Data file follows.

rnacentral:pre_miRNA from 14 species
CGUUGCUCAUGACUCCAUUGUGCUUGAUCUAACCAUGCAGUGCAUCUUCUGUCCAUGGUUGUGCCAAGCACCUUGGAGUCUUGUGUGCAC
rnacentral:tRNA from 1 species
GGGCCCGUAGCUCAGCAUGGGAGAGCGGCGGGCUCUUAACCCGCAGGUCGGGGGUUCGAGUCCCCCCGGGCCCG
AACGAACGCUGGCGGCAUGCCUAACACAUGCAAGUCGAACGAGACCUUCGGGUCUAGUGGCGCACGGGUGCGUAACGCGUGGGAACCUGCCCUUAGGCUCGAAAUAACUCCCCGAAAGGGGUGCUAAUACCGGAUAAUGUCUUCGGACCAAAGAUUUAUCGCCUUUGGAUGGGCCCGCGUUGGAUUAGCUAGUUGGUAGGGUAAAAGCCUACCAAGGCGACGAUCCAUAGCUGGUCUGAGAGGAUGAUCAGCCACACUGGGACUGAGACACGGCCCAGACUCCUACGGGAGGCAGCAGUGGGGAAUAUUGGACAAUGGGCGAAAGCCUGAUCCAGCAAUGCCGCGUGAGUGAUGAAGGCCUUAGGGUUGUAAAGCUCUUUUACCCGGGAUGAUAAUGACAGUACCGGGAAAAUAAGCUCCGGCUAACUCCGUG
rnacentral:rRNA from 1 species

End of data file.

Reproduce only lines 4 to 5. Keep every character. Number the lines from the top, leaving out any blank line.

GGGCCCGUAGCUCAGCAUGGGAGAGCGGCGGGCUCUUAACCCGCAGGUCGGGGGUUCGAGUCCCCCCGGGCCCG
AACGAACGCUGGCGGCAUGCCUAACACAUGCAAGUCGAACGAGACCUUCGGGUCUAGUGGCGCACGGGUGCGUAACGCGUGGGAACCUGCCCUUAGGCUCGAAAUAACUCCCCGAAAGGGGUGCUAAUACCGGAUAAUGUCUUCGGACCAAAGAUUUAUCGCCUUUGGAUGGGCCCGCGUUGGAUUAGCUAGUUGGUAGGGUAAAAGCCUACCAAGGCGACGAUCCAUAGCUGGUCUGAGAGGAUGAUCAGCCACACUGGGACUGAGACACGGCCCAGACUCCUACGGGAGGCAGCAGUGGGGAAUAUUGGACAAUGGGCGAAAGCCUGAUCCAGCAAUGCCGCGUGAGUGAUGAAGGCCUUAGGGUUGUAAAGCUCUUUUACCCGGGAUGAUAAUGACAGUACCGGGAAAAUAAGCUCCGGCUAACUCCGUG